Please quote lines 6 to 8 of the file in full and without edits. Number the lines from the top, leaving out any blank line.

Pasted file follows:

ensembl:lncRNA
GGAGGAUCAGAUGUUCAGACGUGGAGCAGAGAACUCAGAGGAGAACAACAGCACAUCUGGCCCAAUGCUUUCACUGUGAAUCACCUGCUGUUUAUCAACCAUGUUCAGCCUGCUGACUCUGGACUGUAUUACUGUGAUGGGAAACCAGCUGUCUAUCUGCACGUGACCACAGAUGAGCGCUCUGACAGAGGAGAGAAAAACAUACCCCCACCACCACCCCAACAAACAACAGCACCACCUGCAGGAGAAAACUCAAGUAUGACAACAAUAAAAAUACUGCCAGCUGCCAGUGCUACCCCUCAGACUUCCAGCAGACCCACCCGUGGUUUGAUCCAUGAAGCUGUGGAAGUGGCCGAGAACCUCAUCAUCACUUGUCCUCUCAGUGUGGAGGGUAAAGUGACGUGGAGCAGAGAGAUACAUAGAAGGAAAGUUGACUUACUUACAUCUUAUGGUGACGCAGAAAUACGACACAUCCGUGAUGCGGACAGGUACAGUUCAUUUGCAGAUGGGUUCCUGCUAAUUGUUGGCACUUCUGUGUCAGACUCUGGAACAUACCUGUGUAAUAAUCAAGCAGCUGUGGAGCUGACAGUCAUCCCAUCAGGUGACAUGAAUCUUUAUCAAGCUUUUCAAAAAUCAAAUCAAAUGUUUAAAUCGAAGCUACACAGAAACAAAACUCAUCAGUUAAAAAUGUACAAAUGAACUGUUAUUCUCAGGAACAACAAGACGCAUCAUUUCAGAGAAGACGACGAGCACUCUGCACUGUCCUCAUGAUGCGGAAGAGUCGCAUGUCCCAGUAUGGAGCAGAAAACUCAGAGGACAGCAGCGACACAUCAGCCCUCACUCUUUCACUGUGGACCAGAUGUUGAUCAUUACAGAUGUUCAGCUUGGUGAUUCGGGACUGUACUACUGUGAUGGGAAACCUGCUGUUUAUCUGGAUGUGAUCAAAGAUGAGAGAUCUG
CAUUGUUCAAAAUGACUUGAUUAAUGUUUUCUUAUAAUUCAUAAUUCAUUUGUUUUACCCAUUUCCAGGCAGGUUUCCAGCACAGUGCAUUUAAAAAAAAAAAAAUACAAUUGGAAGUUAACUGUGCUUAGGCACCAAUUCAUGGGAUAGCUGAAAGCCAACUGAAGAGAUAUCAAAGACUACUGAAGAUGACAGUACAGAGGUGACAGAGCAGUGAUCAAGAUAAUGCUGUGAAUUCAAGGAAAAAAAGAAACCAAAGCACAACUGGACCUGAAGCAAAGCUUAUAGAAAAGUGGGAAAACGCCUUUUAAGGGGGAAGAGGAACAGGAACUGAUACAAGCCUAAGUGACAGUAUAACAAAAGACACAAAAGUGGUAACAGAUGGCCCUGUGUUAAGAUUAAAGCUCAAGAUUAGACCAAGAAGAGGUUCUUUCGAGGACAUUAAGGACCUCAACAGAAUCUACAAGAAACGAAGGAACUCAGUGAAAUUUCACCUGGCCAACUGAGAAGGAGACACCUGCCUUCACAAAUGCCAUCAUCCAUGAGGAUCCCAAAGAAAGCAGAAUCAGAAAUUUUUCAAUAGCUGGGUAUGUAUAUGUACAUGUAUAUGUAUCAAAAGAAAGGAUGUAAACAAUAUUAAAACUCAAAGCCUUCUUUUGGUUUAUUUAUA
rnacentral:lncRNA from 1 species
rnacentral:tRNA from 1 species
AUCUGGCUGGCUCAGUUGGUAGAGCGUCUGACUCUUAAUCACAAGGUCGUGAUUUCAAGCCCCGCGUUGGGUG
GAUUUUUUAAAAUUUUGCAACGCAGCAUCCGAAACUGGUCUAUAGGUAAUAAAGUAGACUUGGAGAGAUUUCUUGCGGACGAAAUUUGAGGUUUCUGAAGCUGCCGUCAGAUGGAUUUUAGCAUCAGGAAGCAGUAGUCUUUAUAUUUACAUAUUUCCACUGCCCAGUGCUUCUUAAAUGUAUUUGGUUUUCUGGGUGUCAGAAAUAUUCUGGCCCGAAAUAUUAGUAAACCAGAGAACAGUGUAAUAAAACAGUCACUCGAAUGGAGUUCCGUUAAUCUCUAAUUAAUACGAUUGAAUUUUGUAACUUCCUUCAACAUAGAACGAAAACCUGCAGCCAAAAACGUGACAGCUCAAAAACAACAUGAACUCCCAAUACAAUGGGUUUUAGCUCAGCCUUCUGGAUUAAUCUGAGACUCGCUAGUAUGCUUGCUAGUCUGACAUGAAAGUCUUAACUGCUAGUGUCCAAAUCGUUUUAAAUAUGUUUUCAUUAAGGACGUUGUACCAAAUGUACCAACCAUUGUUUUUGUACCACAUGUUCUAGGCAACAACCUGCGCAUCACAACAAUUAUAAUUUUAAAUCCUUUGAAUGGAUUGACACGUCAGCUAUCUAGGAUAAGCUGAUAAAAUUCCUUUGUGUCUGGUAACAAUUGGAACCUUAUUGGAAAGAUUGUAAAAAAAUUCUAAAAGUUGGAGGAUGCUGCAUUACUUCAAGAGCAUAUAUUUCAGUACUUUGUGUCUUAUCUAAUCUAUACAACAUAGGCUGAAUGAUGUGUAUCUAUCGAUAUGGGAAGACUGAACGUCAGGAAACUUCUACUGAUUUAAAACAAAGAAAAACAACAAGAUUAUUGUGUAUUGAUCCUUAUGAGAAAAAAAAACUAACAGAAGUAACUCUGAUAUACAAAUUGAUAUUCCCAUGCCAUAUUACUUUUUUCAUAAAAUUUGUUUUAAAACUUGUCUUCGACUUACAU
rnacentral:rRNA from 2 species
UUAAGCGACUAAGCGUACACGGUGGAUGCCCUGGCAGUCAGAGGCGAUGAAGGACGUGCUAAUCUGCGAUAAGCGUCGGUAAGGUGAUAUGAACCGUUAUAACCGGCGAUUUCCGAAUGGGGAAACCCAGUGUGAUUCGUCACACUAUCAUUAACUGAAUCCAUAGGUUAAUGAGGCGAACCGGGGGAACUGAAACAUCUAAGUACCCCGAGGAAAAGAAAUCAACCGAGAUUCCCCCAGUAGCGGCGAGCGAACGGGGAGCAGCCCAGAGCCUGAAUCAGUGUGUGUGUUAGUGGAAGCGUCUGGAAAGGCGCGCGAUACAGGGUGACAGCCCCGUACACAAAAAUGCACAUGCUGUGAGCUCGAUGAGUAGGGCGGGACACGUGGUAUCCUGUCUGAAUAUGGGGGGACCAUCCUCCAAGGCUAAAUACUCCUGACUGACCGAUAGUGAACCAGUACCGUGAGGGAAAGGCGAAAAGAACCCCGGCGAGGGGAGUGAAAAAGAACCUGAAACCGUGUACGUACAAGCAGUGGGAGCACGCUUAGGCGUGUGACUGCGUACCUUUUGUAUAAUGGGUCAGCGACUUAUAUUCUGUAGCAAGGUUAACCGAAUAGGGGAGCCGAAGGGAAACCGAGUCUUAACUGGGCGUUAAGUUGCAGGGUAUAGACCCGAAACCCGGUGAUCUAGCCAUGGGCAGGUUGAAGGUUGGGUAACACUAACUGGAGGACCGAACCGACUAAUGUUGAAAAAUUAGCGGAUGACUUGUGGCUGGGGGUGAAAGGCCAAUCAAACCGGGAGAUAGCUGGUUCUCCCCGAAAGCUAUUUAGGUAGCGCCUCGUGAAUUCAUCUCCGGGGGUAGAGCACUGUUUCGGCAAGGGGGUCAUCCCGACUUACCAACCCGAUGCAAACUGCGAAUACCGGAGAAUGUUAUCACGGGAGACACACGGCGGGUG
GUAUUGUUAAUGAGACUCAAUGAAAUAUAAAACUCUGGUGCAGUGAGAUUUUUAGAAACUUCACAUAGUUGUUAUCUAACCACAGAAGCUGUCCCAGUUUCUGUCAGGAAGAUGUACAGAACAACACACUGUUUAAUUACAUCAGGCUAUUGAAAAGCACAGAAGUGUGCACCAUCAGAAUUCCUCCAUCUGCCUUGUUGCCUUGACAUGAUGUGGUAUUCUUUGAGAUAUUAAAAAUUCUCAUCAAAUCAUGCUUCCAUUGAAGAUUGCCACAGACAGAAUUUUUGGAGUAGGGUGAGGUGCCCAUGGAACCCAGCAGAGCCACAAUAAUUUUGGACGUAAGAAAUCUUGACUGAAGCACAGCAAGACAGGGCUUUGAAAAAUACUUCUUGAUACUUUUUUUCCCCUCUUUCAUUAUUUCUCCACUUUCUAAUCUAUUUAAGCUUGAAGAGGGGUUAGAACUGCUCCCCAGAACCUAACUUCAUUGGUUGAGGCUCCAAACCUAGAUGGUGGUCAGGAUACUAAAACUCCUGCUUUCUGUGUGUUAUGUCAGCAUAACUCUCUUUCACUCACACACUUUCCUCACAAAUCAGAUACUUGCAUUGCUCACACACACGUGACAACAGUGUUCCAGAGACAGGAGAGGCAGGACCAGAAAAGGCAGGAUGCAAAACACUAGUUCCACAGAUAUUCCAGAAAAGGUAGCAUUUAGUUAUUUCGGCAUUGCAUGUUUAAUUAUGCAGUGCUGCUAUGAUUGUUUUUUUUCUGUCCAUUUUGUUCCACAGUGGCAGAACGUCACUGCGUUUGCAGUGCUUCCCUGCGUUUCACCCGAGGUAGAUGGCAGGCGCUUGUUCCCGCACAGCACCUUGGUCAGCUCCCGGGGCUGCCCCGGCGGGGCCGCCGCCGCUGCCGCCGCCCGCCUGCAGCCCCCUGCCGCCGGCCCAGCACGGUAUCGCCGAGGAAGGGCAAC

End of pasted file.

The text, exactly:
AUCUGGCUGGCUCAGUUGGUAGAGCGUCUGACUCUUAAUCACAAGGUCGUGAUUUCAAGCCCCGCGUUGGGUG
GAUUUUUUAAAAUUUUGCAACGCAGCAUCCGAAACUGGUCUAUAGGUAAUAAAGUAGACUUGGAGAGAUUUCUUGCGGACGAAAUUUGAGGUUUCUGAAGCUGCCGUCAGAUGGAUUUUAGCAUCAGGAAGCAGUAGUCUUUAUAUUUACAUAUUUCCACUGCCCAGUGCUUCUUAAAUGUAUUUGGUUUUCUGGGUGUCAGAAAUAUUCUGGCCCGAAAUAUUAGUAAACCAGAGAACAGUGUAAUAAAACAGUCACUCGAAUGGAGUUCCGUUAAUCUCUAAUUAAUACGAUUGAAUUUUGUAACUUCCUUCAACAUAGAACGAAAACCUGCAGCCAAAAACGUGACAGCUCAAAAACAACAUGAACUCCCAAUACAAUGGGUUUUAGCUCAGCCUUCUGGAUUAAUCUGAGACUCGCUAGUAUGCUUGCUAGUCUGACAUGAAAGUCUUAACUGCUAGUGUCCAAAUCGUUUUAAAUAUGUUUUCAUUAAGGACGUUGUACCAAAUGUACCAACCAUUGUUUUUGUACCACAUGUUCUAGGCAACAACCUGCGCAUCACAACAAUUAUAAUUUUAAAUCCUUUGAAUGGAUUGACACGUCAGCUAUCUAGGAUAAGCUGAUAAAAUUCCUUUGUGUCUGGUAACAAUUGGAACCUUAUUGGAAAGAUUGUAAAAAAAUUCUAAAAGUUGGAGGAUGCUGCAUUACUUCAAGAGCAUAUAUUUCAGUACUUUGUGUCUUAUCUAAUCUAUACAACAUAGGCUGAAUGAUGUGUAUCUAUCGAUAUGGGAAGACUGAACGUCAGGAAACUUCUACUGAUUUAAAACAAAGAAAAACAACAAGAUUAUUGUGUAUUGAUCCUUAUGAGAAAAAAAAACUAACAGAAGUAACUCUGAUAUACAAAUUGAUAUUCCCAUGCCAUAUUACUUUUUUCAUAAAAUUUGUUUUAAAACUUGUCUUCGACUUACAU
rnacentral:rRNA from 2 species